“It was in the bleak December and each separate dying ember cast its spell” … Edgar Allan Poe described the 12th month in such phrases. His elaborate verse has been recognized in France especially. He was translated by none other than the poet Charles Baudelaire, and Parisians like “The Raven” better in his rendition than the original poet’s American English. I studied Poe at the Sorbonne in its Institut Brittanique. We read Poe in his admirer Baudelaire’s version for one semester. You see, I was an English major and a sort of French “minor.”
In those days, so many decades ago, I was something of a traveler, a wandering minstrel. Nowadays, not so much. I like to sit by my hearth throughout the bleak December and stare at each separate dying ember at my own grate. I can make my pilgrimage to the poet Poe just around the corner at the Athenaeum on Benefit and College streets: My students declare that Edgar’s ghost haunts the stacks there!
I did, though, stretch over the borders of our little world (the map makes our colony look like an oblong chip) to Boston, the writer’s birthplace. Of course, he spurned the culture of Boston, even of all Massachusetts Bay, and pronounced their output more sermon than art. Nevertheless, as you must have noted, his memorial statue was dedicated recently, and that was my purpose in taking the Peter Pan bus to South Station. What a treat to be met there by my son Reuben, who took me via that new-fangled “Uber” cab service to the Commons.
But where is Poe? Oh yeah, ever the outsider, his figure with the familiar crow somehow emerging from his briefcase – two flying creatures on a windy and chilly December afternoon – simply stands on a street paved with sidewalk bricks. We snapped a few shots and then made our way back to Reuben’s region of Bean Town. We dined on soup, wine and espresso by a warm fire, headed back to the bus station, and I brooded upon my journey, pleasant and poignant, a brief encounter and a timely retreat back to my familiar neighborhood.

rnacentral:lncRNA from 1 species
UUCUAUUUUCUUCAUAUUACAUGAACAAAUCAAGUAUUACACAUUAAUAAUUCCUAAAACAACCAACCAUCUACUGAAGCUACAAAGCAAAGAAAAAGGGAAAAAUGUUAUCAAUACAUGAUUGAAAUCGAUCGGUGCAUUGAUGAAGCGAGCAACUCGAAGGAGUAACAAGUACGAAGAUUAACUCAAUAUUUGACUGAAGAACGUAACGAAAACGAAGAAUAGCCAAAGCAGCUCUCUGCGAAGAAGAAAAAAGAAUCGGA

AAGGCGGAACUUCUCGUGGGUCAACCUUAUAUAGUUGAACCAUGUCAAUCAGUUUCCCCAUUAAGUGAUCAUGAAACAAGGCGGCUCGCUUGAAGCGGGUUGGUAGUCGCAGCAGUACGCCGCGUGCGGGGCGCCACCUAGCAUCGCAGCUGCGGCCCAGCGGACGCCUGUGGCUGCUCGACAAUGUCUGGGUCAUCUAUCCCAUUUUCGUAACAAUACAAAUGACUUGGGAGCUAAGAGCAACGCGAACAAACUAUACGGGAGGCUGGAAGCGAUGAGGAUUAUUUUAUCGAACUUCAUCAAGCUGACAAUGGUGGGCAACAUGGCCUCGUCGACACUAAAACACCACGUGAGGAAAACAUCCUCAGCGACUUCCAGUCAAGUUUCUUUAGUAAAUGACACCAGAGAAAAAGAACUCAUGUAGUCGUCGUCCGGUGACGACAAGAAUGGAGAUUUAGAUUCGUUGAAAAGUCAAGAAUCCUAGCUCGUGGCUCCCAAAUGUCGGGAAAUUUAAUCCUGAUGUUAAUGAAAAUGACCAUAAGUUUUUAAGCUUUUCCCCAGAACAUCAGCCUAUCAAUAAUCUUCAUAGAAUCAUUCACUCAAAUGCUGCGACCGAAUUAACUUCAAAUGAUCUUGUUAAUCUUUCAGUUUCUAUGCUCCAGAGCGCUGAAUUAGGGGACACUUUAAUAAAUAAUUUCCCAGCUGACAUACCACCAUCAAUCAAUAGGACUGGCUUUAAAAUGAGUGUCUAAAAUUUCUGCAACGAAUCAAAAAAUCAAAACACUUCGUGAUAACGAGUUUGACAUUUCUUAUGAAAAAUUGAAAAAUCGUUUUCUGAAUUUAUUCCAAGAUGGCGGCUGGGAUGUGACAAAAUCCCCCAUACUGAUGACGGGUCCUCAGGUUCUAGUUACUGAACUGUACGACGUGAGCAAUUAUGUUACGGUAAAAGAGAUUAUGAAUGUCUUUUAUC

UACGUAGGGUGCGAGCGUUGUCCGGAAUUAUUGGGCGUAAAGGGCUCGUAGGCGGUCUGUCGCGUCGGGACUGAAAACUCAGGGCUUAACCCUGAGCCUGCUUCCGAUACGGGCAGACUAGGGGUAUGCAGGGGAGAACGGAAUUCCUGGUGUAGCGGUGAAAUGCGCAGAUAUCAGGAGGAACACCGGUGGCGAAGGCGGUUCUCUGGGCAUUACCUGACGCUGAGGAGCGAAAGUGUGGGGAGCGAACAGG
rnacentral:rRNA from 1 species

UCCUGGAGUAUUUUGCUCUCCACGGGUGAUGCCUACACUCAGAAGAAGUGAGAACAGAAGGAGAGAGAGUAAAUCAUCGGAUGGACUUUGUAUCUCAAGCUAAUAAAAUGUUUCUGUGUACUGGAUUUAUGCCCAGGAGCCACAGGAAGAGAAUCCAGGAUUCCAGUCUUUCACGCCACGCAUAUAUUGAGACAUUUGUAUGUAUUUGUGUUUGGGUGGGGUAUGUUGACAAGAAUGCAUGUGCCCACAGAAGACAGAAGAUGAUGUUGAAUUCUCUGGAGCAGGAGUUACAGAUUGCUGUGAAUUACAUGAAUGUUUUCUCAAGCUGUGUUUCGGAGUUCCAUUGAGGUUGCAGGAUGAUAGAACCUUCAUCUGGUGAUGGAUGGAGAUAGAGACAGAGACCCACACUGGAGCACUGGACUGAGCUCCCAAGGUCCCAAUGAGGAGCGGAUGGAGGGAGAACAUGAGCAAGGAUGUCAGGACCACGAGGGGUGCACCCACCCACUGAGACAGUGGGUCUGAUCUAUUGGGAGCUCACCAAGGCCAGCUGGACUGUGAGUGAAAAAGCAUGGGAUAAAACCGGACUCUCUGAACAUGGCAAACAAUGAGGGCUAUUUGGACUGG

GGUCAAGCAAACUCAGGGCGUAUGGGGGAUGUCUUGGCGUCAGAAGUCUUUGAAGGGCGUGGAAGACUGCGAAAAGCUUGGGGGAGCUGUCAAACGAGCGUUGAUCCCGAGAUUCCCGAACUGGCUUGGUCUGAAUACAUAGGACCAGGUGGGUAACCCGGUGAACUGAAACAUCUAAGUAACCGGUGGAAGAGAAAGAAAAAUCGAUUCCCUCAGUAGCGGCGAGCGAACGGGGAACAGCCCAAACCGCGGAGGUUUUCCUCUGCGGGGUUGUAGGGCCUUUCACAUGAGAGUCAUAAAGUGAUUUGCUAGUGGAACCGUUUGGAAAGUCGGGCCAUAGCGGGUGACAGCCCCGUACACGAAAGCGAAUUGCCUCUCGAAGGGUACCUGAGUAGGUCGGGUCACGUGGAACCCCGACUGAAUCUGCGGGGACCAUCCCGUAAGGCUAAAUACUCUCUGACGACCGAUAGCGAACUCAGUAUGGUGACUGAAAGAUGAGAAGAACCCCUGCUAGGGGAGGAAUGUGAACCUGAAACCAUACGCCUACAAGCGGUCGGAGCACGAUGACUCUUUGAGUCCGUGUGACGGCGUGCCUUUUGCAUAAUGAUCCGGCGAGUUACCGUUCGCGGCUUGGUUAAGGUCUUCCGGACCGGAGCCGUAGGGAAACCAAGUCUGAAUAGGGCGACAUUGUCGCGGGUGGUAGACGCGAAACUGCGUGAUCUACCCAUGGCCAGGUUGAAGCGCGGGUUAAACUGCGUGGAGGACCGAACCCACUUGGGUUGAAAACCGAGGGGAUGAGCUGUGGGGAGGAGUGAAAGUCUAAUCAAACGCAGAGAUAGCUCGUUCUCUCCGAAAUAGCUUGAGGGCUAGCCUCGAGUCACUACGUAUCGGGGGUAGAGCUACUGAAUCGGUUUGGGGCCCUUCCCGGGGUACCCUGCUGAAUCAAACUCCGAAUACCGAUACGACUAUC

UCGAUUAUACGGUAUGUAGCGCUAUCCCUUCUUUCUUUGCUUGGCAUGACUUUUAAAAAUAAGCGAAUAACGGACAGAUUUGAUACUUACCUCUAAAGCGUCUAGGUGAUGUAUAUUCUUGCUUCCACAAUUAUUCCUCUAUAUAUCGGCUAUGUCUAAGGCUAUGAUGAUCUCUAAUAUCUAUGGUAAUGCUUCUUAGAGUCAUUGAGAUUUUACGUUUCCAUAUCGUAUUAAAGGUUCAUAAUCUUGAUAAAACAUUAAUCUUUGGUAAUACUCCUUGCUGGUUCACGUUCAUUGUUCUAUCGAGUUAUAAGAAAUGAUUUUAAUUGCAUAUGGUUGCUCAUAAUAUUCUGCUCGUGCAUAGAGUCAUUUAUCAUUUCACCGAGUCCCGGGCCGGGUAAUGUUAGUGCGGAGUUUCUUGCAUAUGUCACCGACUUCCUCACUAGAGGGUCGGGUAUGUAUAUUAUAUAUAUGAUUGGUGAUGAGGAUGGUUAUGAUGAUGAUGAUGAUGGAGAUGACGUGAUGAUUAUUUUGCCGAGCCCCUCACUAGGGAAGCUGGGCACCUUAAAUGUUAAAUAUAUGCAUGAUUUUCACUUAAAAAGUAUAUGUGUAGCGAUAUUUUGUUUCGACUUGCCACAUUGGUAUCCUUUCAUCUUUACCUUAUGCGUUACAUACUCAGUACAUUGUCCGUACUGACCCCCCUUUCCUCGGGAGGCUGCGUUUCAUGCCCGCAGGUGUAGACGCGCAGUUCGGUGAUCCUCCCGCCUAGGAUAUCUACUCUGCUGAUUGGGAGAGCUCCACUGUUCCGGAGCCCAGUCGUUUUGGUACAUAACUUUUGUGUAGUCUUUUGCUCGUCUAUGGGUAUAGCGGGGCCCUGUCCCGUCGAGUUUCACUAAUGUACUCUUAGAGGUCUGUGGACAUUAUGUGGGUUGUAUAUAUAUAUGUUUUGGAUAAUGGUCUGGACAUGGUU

In my cellar, I hoard VHS and DVD translations of classic movies, among which I keep “Man with a Cloak” – starring Barbara Stanwyck, Leslie Caron, Joseph Cotten, and Louis Calhern; directed by Fletcher Markle and especially with an inventive musical score by David Raksin. It is the tale of the plight of the poet Edgar Allan Poe. Although it mostly slipped by the attention of critics, audiences and historians, it held my interest. It explores the desperate search of this gallant and romantic artist: I thought of him recently because of the statue, because of the impact of the bird that quotes the fatalistic word “Nevermore!” and because his griefs and regrets that haunt so many of our cities from Boston to Providence, from Philadelphia to Baltimore, and contribute a touch of class to our culture. Poe’s reputation lies in the fact that he published his short pieces in commercial magazines and sought what Baudelaire called “beauty” rather than moral platitudes. Perhaps that is why and how I think of him as an influence upon the entrance of Jewish writers and artists upon the American scene.
With the establishment shutting out immigrants from mainstream institutions, it was the popular media – the funnies and the movies – that translated the hopes and dreams of the refugees and created opportunities for Jewish makers of stories, crafts, songs and shows. Poe was a kind of urban street artist seeking “balm in Gilead” (a line from his “Raven”), and for me his iconic bird resembles Bernard Malamud’s “Jewbird.”
MIKE FINK (email@example.com) teaches at RISD.